Just because it’s the dead of winter with temperatures hovering below zero doesn’t mean children shouldn’t be walking to school on a daily basis. The practice was promoted this week by the Region of Waterloo’s Active and Safe Routes to School Workgroup as part of their fifth annual winter walk day and crossing guard appreciation day.
“It encourages students to talk with each other and to develop friendships. It’s just a matter of dressing them appropriately for the weather. There’s no such thing as ‘bad weather’ just inappropriate clothing,” said Ruth Dyck, the program chair and a registered nurse with the public health department at the Region of Waterloo.
“There was a time previously where it was unheard of that parents would drive their children to school, and that’s changed somewhat throughout the years. Now it’s not uncommon to see the children being driven to and from school, even when they are within walking distance.”
Dyck said that having more children walking to school holds many short-term and long-term benefits for both the students and the environment. It means less traffic congestion, reduced air pollution, and can lead to a safer community by have more eyes on the street.
“We know if students enjoy walking sooner, it’s more likely that they will continue that as a life-long behavior, because it’s enjoyable and it’s fun. Especially in the townships, we have such tremendous trails and trail systems that are often not even used.”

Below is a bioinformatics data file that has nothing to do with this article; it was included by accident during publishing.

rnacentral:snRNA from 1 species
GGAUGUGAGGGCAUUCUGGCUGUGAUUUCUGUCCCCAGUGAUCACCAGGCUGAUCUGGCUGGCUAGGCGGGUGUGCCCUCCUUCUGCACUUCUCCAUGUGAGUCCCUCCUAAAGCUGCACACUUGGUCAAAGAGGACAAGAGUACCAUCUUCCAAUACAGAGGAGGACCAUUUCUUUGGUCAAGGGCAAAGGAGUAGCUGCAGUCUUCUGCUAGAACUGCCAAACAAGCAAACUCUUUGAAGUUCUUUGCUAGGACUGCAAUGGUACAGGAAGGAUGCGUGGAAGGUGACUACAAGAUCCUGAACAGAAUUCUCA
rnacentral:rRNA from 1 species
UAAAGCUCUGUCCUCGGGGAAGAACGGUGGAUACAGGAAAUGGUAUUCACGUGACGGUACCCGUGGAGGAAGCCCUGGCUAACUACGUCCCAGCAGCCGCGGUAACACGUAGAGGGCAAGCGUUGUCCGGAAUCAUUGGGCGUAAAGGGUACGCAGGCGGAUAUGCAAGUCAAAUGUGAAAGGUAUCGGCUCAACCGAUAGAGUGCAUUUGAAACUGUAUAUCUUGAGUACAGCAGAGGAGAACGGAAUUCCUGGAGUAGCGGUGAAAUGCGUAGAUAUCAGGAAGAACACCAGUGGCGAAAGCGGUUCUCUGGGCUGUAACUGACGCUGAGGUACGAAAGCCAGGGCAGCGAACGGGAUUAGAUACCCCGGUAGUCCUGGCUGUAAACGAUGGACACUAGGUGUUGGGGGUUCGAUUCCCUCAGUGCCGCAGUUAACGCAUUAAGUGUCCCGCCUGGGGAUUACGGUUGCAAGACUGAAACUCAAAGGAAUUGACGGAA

The initiative started in Waterloo five years ago before it was taken to the national level by greencommunities.org and the group decided to pair the event with Crossing Guard Appreciation Day to promote the safety aspect of the activity, and to give thanks to the ordinary people who make that happen.
The Township of Woolwich has eight supervised school crossing locations with nine regular crossing guards that look after them, said deputy clerk Val Hummel. There are also eight people who serve as spares and fill in if the regular guards are absent.
“Crossing guards serve students, parents, and anyone that needs help crossing the street. The guards go out in all types of weather every school day, are punctual and dedicated, and enjoy working with the students. I appreciate them every day,” Hummel said.
Some parents may be concerned if their children walk to school on their own, and Dyck said that there are programs to help alleviate those concerns.
“Some of our schools have what are called walking school buses, where a group of students walk together. One student starts and they pick up students along the way. That’s particularly good if there is an older student and a parent with a younger child who might not be as comfortable with allowing that younger child walk to school,” noted Dyck.
There are two other walking days scheduled for 2011, one coming up in April and another in the fall.